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What is the path to the priesthood?

First slide

Each year the Arlington Diocese creates a poster with photos of diocesan seminarians. Below each face is the name, level of education, school and parish. It’s great to recognize faces from our parishes, but often people don’t fully understand the terminology. 

The graphic (below) illustrates the stages of formation for diocesan priests.

priest formation graphic

Of the 43 diocesan seminarians, 11 are studying at the Pontifical College Josephinum in Columbus, Ohio; 10 are at Mount St. Mary’s Seminary in Emmitsburg, Md.; 10 are at St. Charles Borromeo Seminary in Wynnewood, Pa.; three are at St. John Paul II Seminary in Washington; two are at the University of San Dámaso in Madrid; and seven are at the Pontifical North American College in Rome. In the past, seminarians have attended Theological College of Catholic University in Washington and Pope St. John XXII National Seminary in Weston, Mass., but there are none there this year. 

Seminarians might follow a college track or a major seminary track. The college track is for those who enter the seminary without a bachelor’s degree; major seminary is for those who have a degree. College track seminarians typically will study for eight years, while major seminary seminarians will study for six.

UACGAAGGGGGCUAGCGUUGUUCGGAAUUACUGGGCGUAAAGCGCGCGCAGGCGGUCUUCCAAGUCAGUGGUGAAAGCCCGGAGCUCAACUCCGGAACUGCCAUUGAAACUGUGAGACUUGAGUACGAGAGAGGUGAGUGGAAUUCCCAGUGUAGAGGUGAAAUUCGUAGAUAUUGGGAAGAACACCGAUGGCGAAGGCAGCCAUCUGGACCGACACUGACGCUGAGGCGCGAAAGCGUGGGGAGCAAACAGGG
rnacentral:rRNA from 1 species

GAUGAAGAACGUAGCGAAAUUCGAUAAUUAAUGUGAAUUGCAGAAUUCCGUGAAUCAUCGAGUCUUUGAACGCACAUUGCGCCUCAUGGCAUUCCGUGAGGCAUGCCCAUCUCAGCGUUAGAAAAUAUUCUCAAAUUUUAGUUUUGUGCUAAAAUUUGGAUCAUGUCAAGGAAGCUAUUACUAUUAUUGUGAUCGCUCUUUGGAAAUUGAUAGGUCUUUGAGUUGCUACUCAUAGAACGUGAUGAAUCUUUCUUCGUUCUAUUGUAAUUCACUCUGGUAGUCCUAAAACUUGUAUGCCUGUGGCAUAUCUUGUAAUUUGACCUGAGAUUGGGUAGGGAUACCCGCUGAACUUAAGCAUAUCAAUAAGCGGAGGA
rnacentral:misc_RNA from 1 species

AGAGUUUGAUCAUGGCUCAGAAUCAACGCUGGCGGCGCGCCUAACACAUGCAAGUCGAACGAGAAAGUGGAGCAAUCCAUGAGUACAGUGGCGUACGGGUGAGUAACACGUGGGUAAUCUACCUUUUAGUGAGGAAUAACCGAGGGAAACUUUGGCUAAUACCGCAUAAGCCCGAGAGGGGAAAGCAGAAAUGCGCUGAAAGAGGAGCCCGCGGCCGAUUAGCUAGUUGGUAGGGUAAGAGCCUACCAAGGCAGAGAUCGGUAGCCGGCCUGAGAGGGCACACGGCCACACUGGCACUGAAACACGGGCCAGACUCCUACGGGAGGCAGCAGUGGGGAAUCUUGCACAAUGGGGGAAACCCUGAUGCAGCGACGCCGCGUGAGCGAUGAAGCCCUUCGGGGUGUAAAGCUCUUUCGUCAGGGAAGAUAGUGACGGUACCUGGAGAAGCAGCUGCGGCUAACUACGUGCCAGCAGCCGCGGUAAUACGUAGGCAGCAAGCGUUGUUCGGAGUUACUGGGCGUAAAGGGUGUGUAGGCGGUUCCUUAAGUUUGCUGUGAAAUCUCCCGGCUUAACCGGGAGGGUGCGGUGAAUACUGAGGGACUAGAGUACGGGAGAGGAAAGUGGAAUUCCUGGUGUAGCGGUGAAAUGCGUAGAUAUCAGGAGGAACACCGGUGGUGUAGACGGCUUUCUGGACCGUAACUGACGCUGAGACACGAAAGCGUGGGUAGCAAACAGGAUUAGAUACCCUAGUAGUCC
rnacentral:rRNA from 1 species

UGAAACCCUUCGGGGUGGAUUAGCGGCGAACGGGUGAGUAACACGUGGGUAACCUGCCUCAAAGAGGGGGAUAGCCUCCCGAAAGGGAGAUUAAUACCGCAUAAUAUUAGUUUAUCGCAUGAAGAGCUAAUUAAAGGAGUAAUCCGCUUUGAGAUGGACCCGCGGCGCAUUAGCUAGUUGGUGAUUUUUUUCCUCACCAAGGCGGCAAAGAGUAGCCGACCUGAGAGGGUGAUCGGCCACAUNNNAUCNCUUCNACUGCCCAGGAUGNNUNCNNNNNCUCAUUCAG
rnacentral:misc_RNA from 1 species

“There are many qualities I am looking for in someone for the priesthood,” said Father J.D. Jaffe, Arlington diocesan vocations director. “God is eclectic in His call and so it is more about the whole person than any particular trait.”

 The men have the option of adding a spiritual year for prayer, reading, service and non-degree studies, or a pastoral year to broaden their experience of parish life.

 “Most of the time in vocations work, I get to meet men and women who are on fire for a relationship with Christ and His church,” said Father Jaffe. “They are asking how to pray better, how to serve God or His people more, how to take their faith more seriously, etc.”

With more than 40 men in formation, the Arlington Diocese is blessed to have so many future priests. 

Find out more
National Vocations Awareness Week is Nov. 6-12. Go to usccb.org.


© Arlington Catholic Herald 2016